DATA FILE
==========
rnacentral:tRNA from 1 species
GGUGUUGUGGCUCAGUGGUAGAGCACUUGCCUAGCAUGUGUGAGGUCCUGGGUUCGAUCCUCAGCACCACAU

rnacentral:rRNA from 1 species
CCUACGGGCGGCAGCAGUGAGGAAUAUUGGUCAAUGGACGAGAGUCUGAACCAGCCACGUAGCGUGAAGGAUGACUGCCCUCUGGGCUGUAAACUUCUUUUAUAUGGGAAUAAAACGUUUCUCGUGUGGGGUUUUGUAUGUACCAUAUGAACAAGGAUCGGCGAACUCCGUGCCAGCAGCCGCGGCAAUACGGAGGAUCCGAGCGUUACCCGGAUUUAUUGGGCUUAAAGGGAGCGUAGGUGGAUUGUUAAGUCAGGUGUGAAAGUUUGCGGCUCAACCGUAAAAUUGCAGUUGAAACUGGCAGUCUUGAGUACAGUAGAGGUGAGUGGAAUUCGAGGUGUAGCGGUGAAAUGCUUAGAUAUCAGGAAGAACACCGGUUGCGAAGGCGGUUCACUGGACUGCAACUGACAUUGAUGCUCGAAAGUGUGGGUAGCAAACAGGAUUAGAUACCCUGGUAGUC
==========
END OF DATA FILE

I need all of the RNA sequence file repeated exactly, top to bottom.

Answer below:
rnacentral:tRNA from 1 species
GGUGUUGUGGCUCAGUGGUAGAGCACUUGCCUAGCAUGUGUGAGGUCCUGGGUUCGAUCCUCAGCACCACAU

rnacentral:rRNA from 1 species
CCUACGGGCGGCAGCAGUGAGGAAUAUUGGUCAAUGGACGAGAGUCUGAACCAGCCACGUAGCGUGAAGGAUGACUGCCCUCUGGGCUGUAAACUUCUUUUAUAUGGGAAUAAAACGUUUCUCGUGUGGGGUUUUGUAUGUACCAUAUGAACAAGGAUCGGCGAACUCCGUGCCAGCAGCCGCGGCAAUACGGAGGAUCCGAGCGUUACCCGGAUUUAUUGGGCUUAAAGGGAGCGUAGGUGGAUUGUUAAGUCAGGUGUGAAAGUUUGCGGCUCAACCGUAAAAUUGCAGUUGAAACUGGCAGUCUUGAGUACAGUAGAGGUGAGUGGAAUUCGAGGUGUAGCGGUGAAAUGCUUAGAUAUCAGGAAGAACACCGGUUGCGAAGGCGGUUCACUGGACUGCAACUGACAUUGAUGCUCGAAAGUGUGGGUAGCAAACAGGAUUAGAUACCCUGGUAGUC